14

Random thought of the day. I'm sure I've been told the "common wisdom" is that you can take a job with a lower salary and enjoy a better work-life balance, or go gung-ho for the inner city jobs and earn way more but sacrifice your quality of life.

Anyone else found the complete opposite? The higher the salary I've had over my career, generally the *better* the working environment and the more the employer seems to care for, and value its employees. Not universally true I'm sure, and perhaps I'm just lucky about where I pick, but I've certainly had way more "high stress" situations in some of my lower paid, rather than higher paid roles.

Comments
  • 5
    The stress I do unto myself already. I'd rather look for a company that pays me high and will not forget to continually pay me higher.
  • 5
    Lots of ways to look at this.

    But very generally... I worked harder at the pizza place, and ass end tech support job I worked at as a kid and got paid jack squat.

    Other jobs have since paid more and were far "easier".

    Generally being poor involves more hard work ... for less.

    Now as for equivalent jobs, yeah you could maybe find one that works you to the bone for big money while there may be one you're happier in where you make less / work less...but that also depends on the person.
  • 4
    I've had mixed results. My first software job paid very little but if I decided I was done for the day at 3, I could leave. And I wasn't expected to use PTO to go to the doctor. Of course it helps that I was usually ahead of schedule. I had one job that paid extremely well relative to my responsibilities and rarely worked a full 40 hours. Had twice as much PTO as I have now. But where I'm at now I make more but I have to explicitly refuse to work overtime. And most of my colleagues work 80 hour weeks.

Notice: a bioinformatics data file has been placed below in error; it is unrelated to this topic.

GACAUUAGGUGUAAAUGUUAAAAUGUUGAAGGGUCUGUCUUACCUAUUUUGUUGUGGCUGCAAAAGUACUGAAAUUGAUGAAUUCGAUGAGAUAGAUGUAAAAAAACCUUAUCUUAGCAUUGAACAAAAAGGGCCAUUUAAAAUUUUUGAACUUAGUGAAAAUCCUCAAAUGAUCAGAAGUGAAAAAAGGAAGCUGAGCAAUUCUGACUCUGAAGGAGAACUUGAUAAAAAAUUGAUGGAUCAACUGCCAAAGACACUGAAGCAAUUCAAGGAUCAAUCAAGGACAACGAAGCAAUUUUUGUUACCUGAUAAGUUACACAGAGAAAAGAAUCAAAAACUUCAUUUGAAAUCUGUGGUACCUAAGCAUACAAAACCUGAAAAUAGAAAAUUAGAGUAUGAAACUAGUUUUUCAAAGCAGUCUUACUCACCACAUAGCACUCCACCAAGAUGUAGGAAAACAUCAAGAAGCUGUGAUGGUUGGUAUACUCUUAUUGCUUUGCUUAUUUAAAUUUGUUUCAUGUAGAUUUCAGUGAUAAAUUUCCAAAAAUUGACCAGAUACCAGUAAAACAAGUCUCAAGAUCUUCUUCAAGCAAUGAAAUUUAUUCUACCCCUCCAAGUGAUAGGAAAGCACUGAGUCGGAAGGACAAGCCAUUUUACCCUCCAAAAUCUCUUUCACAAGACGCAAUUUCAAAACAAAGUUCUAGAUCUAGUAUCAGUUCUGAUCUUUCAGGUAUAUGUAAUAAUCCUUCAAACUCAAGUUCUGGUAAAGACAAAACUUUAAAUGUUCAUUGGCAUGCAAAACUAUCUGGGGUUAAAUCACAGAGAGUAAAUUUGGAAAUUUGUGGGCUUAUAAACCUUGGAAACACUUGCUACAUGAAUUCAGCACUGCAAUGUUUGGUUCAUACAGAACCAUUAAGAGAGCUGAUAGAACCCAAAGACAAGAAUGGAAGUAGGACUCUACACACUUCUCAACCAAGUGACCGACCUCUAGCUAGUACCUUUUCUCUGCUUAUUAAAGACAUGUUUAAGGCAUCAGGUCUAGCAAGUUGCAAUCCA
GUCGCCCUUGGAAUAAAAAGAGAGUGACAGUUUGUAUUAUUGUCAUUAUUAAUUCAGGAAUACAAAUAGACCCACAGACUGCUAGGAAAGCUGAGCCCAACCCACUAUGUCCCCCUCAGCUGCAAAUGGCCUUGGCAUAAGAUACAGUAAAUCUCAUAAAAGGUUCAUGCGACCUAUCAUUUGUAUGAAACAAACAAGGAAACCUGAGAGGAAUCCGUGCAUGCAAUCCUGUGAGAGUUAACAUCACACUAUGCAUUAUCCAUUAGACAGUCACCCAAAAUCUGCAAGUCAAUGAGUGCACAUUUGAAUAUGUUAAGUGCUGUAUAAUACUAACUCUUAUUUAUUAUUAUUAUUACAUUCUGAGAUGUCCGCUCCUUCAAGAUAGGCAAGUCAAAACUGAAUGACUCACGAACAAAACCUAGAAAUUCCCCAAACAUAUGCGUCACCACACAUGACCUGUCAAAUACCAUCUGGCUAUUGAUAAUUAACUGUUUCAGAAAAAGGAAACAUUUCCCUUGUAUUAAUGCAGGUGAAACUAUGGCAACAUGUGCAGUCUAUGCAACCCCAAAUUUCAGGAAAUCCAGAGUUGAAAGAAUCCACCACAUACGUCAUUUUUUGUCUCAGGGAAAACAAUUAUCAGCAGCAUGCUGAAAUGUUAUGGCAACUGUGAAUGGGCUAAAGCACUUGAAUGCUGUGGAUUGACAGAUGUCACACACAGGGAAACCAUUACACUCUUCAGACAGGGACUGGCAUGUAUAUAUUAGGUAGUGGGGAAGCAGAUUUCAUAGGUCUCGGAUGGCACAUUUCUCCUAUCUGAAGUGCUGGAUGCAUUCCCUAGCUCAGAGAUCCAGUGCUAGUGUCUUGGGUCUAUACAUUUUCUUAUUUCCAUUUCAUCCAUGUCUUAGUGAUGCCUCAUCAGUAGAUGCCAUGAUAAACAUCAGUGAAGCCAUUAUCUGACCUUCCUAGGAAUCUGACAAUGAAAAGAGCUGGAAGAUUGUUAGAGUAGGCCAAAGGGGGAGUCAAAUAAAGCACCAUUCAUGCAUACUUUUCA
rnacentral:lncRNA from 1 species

@N00bPancakes I feel the same. I worked at a pizza place and made $5 an hour (technically we were waiters so they didn't have to pay minimum wage). And I worked third shift pouring concrete for a while. But if I took all of my manual labor jobs and combined the hourly rate, I'd still make significantly less than I do now. And I work less.
  • 4
    It's always a give and take. I'm the person who grabs the rope and tows the load out of frustration, so I always take the higher salary assuming my workload will be equivalent no matter where I am.
  • 1
    "ధనం మూలం ఇదం జగత్"
    - its a saying in my religious texts

    roughly translated to
    "Money forms the root of this world"
  • 2
    Yes. When I worked in support, I had no life because of the on-call crap. I was a junior then so the pay is not so high. Moving to full time development and upgrading my skills made my tasks easier for me and my salary higher. Now the remote work saved me more money and allowed me to do groceries or go to the spa during breaks.
  • 2
    @linus-torvald
    As much as I'm not Christian, I tend to lean more, "the love of money is the root of all evil."
  • 1
    I definitely broke my ass the hardest at the smaller be place I worked at. There it was more likely that stuff "just had to be done by next week" and the only thing I got from trying to address that I'm working over 60 hours a week was an awkward change of subject.
  • 1
    My best paying job was horrible. My worst paying job was just plain fun and dicking around. My ok paying jobs have been ok for the most part.
  • 1
    I would rather have the stress of working late, rather than the stress of not having enough money for the future. That's pretty much modern markets exist.
Add Comment